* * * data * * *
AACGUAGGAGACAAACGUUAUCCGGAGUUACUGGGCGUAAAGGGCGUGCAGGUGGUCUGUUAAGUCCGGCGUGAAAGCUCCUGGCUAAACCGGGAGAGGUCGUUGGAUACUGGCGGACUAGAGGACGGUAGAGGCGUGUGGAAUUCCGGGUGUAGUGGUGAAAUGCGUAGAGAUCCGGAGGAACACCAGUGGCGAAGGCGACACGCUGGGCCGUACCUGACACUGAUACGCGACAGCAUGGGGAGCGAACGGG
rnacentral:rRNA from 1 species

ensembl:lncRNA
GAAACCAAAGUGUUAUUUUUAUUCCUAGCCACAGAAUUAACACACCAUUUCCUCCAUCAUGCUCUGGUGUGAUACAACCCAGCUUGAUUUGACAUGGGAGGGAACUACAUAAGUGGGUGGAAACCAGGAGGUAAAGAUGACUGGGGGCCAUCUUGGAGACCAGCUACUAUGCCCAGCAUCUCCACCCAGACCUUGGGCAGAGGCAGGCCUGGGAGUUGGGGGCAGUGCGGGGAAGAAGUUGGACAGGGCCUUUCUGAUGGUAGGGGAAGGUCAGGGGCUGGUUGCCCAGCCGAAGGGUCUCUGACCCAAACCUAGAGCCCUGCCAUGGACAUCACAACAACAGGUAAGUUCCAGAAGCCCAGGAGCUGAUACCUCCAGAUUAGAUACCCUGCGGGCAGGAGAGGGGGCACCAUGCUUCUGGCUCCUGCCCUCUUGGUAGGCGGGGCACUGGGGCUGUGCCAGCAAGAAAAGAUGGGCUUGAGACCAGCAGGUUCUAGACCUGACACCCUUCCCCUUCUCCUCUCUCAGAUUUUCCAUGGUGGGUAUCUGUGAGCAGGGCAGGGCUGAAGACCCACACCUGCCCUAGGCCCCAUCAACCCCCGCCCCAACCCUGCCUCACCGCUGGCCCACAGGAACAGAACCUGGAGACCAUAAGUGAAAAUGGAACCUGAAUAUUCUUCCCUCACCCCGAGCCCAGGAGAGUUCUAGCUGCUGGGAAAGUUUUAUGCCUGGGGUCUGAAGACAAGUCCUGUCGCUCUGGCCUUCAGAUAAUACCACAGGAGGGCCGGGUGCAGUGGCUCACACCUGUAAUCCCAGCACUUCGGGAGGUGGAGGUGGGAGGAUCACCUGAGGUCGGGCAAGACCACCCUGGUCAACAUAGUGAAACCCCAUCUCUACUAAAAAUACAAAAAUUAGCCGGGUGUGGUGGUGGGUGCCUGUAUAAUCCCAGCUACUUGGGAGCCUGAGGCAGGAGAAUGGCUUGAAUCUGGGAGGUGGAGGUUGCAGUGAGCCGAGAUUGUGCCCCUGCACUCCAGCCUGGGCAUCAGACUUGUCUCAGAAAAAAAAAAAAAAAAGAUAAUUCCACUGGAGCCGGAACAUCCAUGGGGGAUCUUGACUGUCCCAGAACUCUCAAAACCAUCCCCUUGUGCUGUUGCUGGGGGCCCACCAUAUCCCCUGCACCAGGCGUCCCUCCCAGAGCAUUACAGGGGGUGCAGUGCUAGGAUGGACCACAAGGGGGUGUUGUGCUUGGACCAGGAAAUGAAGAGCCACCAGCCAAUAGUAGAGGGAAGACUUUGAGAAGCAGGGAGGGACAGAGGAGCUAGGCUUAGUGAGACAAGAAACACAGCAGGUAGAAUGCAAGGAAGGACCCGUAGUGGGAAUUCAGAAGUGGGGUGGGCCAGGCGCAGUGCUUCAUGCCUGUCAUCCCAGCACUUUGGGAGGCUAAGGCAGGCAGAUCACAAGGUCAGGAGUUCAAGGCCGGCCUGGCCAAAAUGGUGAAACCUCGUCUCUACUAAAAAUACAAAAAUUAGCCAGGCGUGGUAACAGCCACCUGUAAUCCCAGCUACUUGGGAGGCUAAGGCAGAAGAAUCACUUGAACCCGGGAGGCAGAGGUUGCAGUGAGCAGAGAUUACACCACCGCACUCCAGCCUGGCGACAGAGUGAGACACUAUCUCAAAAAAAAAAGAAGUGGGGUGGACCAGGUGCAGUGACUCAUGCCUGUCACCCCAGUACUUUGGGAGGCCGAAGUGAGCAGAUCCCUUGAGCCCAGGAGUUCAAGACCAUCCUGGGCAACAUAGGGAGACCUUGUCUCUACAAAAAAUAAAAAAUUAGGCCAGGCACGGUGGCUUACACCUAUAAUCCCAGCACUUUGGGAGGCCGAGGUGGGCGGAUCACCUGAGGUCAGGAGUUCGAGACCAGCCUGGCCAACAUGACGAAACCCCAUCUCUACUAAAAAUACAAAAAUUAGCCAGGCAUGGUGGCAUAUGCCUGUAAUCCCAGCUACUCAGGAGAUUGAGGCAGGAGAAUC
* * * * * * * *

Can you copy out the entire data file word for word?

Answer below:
AACGUAGGAGACAAACGUUAUCCGGAGUUACUGGGCGUAAAGGGCGUGCAGGUGGUCUGUUAAGUCCGGCGUGAAAGCUCCUGGCUAAACCGGGAGAGGUCGUUGGAUACUGGCGGACUAGAGGACGGUAGAGGCGUGUGGAAUUCCGGGUGUAGUGGUGAAAUGCGUAGAGAUCCGGAGGAACACCAGUGGCGAAGGCGACACGCUGGGCCGUACCUGACACUGAUACGCGACAGCAUGGGGAGCGAACGGG
rnacentral:rRNA from 1 species

ensembl:lncRNA
GAAACCAAAGUGUUAUUUUUAUUCCUAGCCACAGAAUUAACACACCAUUUCCUCCAUCAUGCUCUGGUGUGAUACAACCCAGCUUGAUUUGACAUGGGAGGGAACUACAUAAGUGGGUGGAAACCAGGAGGUAAAGAUGACUGGGGGCCAUCUUGGAGACCAGCUACUAUGCCCAGCAUCUCCACCCAGACCUUGGGCAGAGGCAGGCCUGGGAGUUGGGGGCAGUGCGGGGAAGAAGUUGGACAGGGCCUUUCUGAUGGUAGGGGAAGGUCAGGGGCUGGUUGCCCAGCCGAAGGGUCUCUGACCCAAACCUAGAGCCCUGCCAUGGACAUCACAACAACAGGUAAGUUCCAGAAGCCCAGGAGCUGAUACCUCCAGAUUAGAUACCCUGCGGGCAGGAGAGGGGGCACCAUGCUUCUGGCUCCUGCCCUCUUGGUAGGCGGGGCACUGGGGCUGUGCCAGCAAGAAAAGAUGGGCUUGAGACCAGCAGGUUCUAGACCUGACACCCUUCCCCUUCUCCUCUCUCAGAUUUUCCAUGGUGGGUAUCUGUGAGCAGGGCAGGGCUGAAGACCCACACCUGCCCUAGGCCCCAUCAACCCCCGCCCCAACCCUGCCUCACCGCUGGCCCACAGGAACAGAACCUGGAGACCAUAAGUGAAAAUGGAACCUGAAUAUUCUUCCCUCACCCCGAGCCCAGGAGAGUUCUAGCUGCUGGGAAAGUUUUAUGCCUGGGGUCUGAAGACAAGUCCUGUCGCUCUGGCCUUCAGAUAAUACCACAGGAGGGCCGGGUGCAGUGGCUCACACCUGUAAUCCCAGCACUUCGGGAGGUGGAGGUGGGAGGAUCACCUGAGGUCGGGCAAGACCACCCUGGUCAACAUAGUGAAACCCCAUCUCUACUAAAAAUACAAAAAUUAGCCGGGUGUGGUGGUGGGUGCCUGUAUAAUCCCAGCUACUUGGGAGCCUGAGGCAGGAGAAUGGCUUGAAUCUGGGAGGUGGAGGUUGCAGUGAGCCGAGAUUGUGCCCCUGCACUCCAGCCUGGGCAUCAGACUUGUCUCAGAAAAAAAAAAAAAAAAGAUAAUUCCACUGGAGCCGGAACAUCCAUGGGGGAUCUUGACUGUCCCAGAACUCUCAAAACCAUCCCCUUGUGCUGUUGCUGGGGGCCCACCAUAUCCCCUGCACCAGGCGUCCCUCCCAGAGCAUUACAGGGGGUGCAGUGCUAGGAUGGACCACAAGGGGGUGUUGUGCUUGGACCAGGAAAUGAAGAGCCACCAGCCAAUAGUAGAGGGAAGACUUUGAGAAGCAGGGAGGGACAGAGGAGCUAGGCUUAGUGAGACAAGAAACACAGCAGGUAGAAUGCAAGGAAGGACCCGUAGUGGGAAUUCAGAAGUGGGGUGGGCCAGGCGCAGUGCUUCAUGCCUGUCAUCCCAGCACUUUGGGAGGCUAAGGCAGGCAGAUCACAAGGUCAGGAGUUCAAGGCCGGCCUGGCCAAAAUGGUGAAACCUCGUCUCUACUAAAAAUACAAAAAUUAGCCAGGCGUGGUAACAGCCACCUGUAAUCCCAGCUACUUGGGAGGCUAAGGCAGAAGAAUCACUUGAACCCGGGAGGCAGAGGUUGCAGUGAGCAGAGAUUACACCACCGCACUCCAGCCUGGCGACAGAGUGAGACACUAUCUCAAAAAAAAAAGAAGUGGGGUGGACCAGGUGCAGUGACUCAUGCCUGUCACCCCAGUACUUUGGGAGGCCGAAGUGAGCAGAUCCCUUGAGCCCAGGAGUUCAAGACCAUCCUGGGCAACAUAGGGAGACCUUGUCUCUACAAAAAAUAAAAAAUUAGGCCAGGCACGGUGGCUUACACCUAUAAUCCCAGCACUUUGGGAGGCCGAGGUGGGCGGAUCACCUGAGGUCAGGAGUUCGAGACCAGCCUGGCCAACAUGACGAAACCCCAUCUCUACUAAAAAUACAAAAAUUAGCCAGGCAUGGUGGCAUAUGCCUGUAAUCCCAGCUACUCAGGAGAUUGAGGCAGGAGAAUC